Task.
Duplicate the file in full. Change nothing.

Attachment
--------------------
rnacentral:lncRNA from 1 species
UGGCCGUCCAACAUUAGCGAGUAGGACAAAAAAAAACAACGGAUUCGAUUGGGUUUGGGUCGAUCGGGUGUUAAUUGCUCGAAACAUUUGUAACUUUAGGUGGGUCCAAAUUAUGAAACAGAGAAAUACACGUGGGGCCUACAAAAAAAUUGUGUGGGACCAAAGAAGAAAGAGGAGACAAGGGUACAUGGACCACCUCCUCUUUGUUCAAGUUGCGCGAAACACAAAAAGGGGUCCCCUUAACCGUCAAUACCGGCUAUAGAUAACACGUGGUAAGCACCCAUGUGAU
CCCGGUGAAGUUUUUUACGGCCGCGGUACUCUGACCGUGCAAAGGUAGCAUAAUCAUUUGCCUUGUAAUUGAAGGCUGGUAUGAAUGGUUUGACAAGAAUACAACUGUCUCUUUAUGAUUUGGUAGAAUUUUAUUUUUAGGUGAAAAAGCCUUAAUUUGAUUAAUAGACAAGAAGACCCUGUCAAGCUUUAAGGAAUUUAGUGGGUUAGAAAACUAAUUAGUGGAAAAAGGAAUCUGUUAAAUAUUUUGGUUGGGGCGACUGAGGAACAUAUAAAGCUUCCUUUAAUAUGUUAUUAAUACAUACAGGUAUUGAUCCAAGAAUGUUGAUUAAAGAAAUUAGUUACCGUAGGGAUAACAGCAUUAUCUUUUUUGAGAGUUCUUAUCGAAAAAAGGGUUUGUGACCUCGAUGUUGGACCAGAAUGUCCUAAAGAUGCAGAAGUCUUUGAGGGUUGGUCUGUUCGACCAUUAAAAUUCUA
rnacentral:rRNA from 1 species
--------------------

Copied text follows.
rnacentral:lncRNA from 1 species
UGGCCGUCCAACAUUAGCGAGUAGGACAAAAAAAAACAACGGAUUCGAUUGGGUUUGGGUCGAUCGGGUGUUAAUUGCUCGAAACAUUUGUAACUUUAGGUGGGUCCAAAUUAUGAAACAGAGAAAUACACGUGGGGCCUACAAAAAAAUUGUGUGGGACCAAAGAAGAAAGAGGAGACAAGGGUACAUGGACCACCUCCUCUUUGUUCAAGUUGCGCGAAACACAAAAAGGGGUCCCCUUAACCGUCAAUACCGGCUAUAGAUAACACGUGGUAAGCACCCAUGUGAU
CCCGGUGAAGUUUUUUACGGCCGCGGUACUCUGACCGUGCAAAGGUAGCAUAAUCAUUUGCCUUGUAAUUGAAGGCUGGUAUGAAUGGUUUGACAAGAAUACAACUGUCUCUUUAUGAUUUGGUAGAAUUUUAUUUUUAGGUGAAAAAGCCUUAAUUUGAUUAAUAGACAAGAAGACCCUGUCAAGCUUUAAGGAAUUUAGUGGGUUAGAAAACUAAUUAGUGGAAAAAGGAAUCUGUUAAAUAUUUUGGUUGGGGCGACUGAGGAACAUAUAAAGCUUCCUUUAAUAUGUUAUUAAUACAUACAGGUAUUGAUCCAAGAAUGUUGAUUAAAGAAAUUAGUUACCGUAGGGAUAACAGCAUUAUCUUUUUUGAGAGUUCUUAUCGAAAAAAGGGUUUGUGACCUCGAUGUUGGACCAGAAUGUCCUAAAGAUGCAGAAGUCUUUGAGGGUUGGUCUGUUCGACCAUUAAAAUUCUA
rnacentral:rRNA from 1 species